[R]UTLAND — Rutland Police Chief Brian Kilcullen says the latest phase of the department’s data-driven policing initiative is helping to get officers to where the “chaos” is happening.
And hopefully, he added, with the advances begun last month the officers will be there before any chaos even starts.
The department, through the Data-Driven Approach to Crime and Traffic Safety, or DDACTS, model, is tracking the locations of calls and crashes to help reduce crime and traffic accidents.
That has allowed the department to identify three zones, or sections of Rutland, that are generating the most calls and having the most crashes, Kilcullen said.
The department has been training on and using data-driven policing for the past couple of years, but it’s now digging deeper into the data in determining where to deploy resources, according to the police chief.
“We were looking at crime trends, pretty much, but this really pinpoints where we really need to be and when,” Kilcullen said at a Wednesday night community meeting in the city’s northwest neighborhood.
“This takes everything together, and we look at where the chaos is and when it’s happening,” the chief said. “That’s where we’re putting our resources.”
The city’s northwest neighborhood had been identified in the past as a “hot spot” for police calls.
With the DDACTS data, the city has been able to zero in and identify three smaller zones with the highest activity: the lower part of the northwest neighborhood, the upper section of the southwest neighborhood, and a corridor running along West Street and Woodstock Avenue, the police chief said.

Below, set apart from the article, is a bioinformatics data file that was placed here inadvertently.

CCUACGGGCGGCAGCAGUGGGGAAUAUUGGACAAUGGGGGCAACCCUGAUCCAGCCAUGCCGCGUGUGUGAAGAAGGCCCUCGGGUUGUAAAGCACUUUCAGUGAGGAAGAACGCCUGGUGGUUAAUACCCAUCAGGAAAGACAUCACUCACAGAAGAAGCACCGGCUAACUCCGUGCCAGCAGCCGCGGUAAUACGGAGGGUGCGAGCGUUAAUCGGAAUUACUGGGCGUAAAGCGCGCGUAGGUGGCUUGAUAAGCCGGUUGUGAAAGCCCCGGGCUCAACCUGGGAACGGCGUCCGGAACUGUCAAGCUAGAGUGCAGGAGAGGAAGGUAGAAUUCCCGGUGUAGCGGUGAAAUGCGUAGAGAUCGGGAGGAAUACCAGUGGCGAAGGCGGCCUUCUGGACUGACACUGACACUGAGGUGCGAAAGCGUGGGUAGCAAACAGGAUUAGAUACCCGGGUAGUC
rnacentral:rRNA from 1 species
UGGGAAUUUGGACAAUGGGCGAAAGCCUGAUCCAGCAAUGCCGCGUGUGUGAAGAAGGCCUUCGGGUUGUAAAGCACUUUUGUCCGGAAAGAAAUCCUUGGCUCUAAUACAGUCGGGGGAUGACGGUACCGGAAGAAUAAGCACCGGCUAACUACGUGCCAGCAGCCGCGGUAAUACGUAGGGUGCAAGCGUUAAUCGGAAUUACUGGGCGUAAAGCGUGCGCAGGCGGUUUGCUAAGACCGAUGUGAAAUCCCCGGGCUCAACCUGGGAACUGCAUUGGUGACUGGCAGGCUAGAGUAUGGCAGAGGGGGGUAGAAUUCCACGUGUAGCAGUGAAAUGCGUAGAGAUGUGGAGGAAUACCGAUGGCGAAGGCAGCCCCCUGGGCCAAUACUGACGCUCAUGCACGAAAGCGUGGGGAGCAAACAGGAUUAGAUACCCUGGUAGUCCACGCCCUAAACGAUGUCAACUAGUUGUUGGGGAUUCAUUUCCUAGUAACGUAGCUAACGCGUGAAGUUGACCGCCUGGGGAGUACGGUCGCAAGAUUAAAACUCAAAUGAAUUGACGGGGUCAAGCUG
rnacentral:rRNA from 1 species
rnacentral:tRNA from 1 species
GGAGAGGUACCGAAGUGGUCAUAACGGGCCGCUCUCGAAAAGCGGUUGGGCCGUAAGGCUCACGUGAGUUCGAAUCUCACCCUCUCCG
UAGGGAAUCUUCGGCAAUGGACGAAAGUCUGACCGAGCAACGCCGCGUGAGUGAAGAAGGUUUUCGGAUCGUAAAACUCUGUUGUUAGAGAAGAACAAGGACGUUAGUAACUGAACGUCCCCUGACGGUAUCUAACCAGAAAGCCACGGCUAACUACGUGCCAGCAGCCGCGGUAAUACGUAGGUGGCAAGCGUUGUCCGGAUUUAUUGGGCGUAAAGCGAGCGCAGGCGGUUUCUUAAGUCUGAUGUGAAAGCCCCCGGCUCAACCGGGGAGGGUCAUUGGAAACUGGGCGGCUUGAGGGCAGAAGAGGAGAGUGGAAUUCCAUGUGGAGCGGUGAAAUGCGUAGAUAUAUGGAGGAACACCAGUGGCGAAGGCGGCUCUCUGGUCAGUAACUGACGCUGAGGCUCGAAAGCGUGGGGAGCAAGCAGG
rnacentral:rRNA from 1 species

Within those zones, the data are further broken down to show when the crimes and crashes are taking place, he said.
The latest phase of the data-driven policing initiative kicked off last month, according to Kilcullen.
“This is our first quarter,” the chief said. “At the end of the quarter we’ll be looking at what’s happening in those DDACTS areas versus the rest of the city.”
The city is also tracking “threepeats,” or the locations officers are called to at least three times over a two-week period for any reason, which could range from a theft report to a noise complaint.The top such location in the city is Walmart, referred to at Wednesday’s meeting as a “repeat threepeat” for how often it has been on that list. The store is in the downtown Rutland Shopping Plaza.
Also high on the “threepeat” list is the Price Chopper grocery store, on the opposite end of the plaza from Walmart.
Police Sgt. Joseph Bartlett said at the meeting Wednesday night that officers patrol the plaza at the times when calls have historically come in based on the data. Sometimes the officer sits in a parked cruiser with the blue lights flashing to increase the visibility.
“By being there we’re trying to get the calls down,” Bartlett said.
Kilcullen said that although the police presence there serves as a deterrence to many crimes, not everyone is deterred.
“We were out front a number of times and still stuff is happening inside,” he said. “One guy walked out with a TV and we were right there.”
Also at the meeting Wednesday, police officials spoke of Project Vision, a coalition of community groups and government agencies that banded together to provide a comprehensive solution to problems caused by opiate abuse in the city.
Project Vision started in Rutland in 2012. Its membership now tops 300 people from more than 100 agencies and groups.
The initiative has attracted statewide and national attention, with officials traveling to communities across the country to help others seeking to replicate the city’s work.
State Sen. Brian Collamore, R-Rutland, attended the meeting Wednesday evening and thanked the Police Department for its approach and the information it was collecting.
“I’m really impressed that a lot of this is evidence-based and backed by data,” he said. “It certainly makes our job in the Legislature easier to judge what’s happening on the ground.”
Rutland Police Cmdr. David Lachance said not many law enforcement agencies are as willing to gather all the statistics that the city Police Department does.
“Stats don’t always show good things,” he said. “We’re willing to expose them and work to make things better.”
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